Friday, December 31, 2010

10,000 Hours To Expertise

People often ask how long does it take to get a black belt? Studies say that it takes 10,000 hours to become proficient at something. When a new student spars for the first time they are sometimes frustrated that they get hit a lot or get tired. I can spar with someone and that person can over analyze the whys and why nots of the sparring session. They wonder why I landed a particular technique over and over again or why was able to read what they were doing before they could get off with a technique. I tell them that from ages 18 to 36 (16 of those years almost non stop) I was for most part in a boxing or martial arts gym training 5 to 6 days a week anywhere from 1 to 4 hours a day (1 hour some days due to a year and a 1/2 period for a job). Since 1999 I've worked in the gym business. But prior to that I would train early mornings before work or during lunch time for supplementary work and my evenings were spent working on my craft (martial arts). Using rough numbers (3 hours a day x 6 days week = 18 hours a week x 52 weeks = 936 hours a year x 16 years = 14,976 hours. This is a conservative number not including the hours of training and practice since age 8 (as training during those formative years would be less). At age 14, I new I wanted to become a world kickboxing champion. By age 18 I focused on that goal. Now with hours of practice estimated, I can't imagine the numbers of hours I put in studying. After training in the gym, I would watch the advanced fighters train. For over a 15 year, there was no fight show that took place in town that I didn't go watch. I knew the stats and ranking for the sport of kickboxing like a baseball fanatic knows baseball cards.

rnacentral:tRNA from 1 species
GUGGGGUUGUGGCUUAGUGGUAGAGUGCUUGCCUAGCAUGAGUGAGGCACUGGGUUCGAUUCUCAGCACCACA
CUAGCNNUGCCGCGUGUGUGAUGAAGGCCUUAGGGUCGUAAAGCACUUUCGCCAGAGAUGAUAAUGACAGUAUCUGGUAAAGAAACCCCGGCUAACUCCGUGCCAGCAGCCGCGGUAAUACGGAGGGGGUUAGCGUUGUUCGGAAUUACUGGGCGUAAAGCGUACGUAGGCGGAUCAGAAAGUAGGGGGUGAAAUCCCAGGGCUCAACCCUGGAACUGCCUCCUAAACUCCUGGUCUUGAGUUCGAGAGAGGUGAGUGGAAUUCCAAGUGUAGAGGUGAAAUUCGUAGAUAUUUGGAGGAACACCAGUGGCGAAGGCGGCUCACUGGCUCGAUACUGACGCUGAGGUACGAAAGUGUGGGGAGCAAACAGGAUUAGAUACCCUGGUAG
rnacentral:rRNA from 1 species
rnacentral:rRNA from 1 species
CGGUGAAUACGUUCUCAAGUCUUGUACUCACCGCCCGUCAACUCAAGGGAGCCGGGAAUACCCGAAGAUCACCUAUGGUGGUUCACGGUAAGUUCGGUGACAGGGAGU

So, when a new student gets frustrated I ask them their favorite sport or hobby growing up. When the guestimate the hours put in researching, practicing, studying, etc. then it makes since to them. Imagine how many shots Kobe Bryant and Michael Jordan shot before they made it to the NBA. 
"1,000 times, a beginner. 10,000 times, a Master" Mas Oyama.

Monday, December 27, 2010

The Triathlon Will Return

I got a message from Shihan Yoshimura (President of U.S. Shidokan) last night. The annual Shidokan Open took place right before Thanksgiving. There were MMA and Thai Boxing bouts and the show was a success. The only that the fans missed was the "Triathlon". The Triathlon consists of athletes fighting under 3 disciplines (Bare Knuckle Karate, Thai boxing, and Grappling). To win a tournament, the champion will have win 2 to 3 fights under this format. It is truly a test of endurance and spirit. The Triathlon evolved from full contact Karate in the early 1990s. Over time the Karate fighters became scarce and the kickboxers and mixed martial arts athletes took over. As a promoter of Shidokan events myself, I have found it difficult to get karate fighters to compete in these events. 3 events have been scheduled over 2011 and we will work hard at bringing the "Triathlon" back. Shidokan Atlanta is developing it's fighters for the task.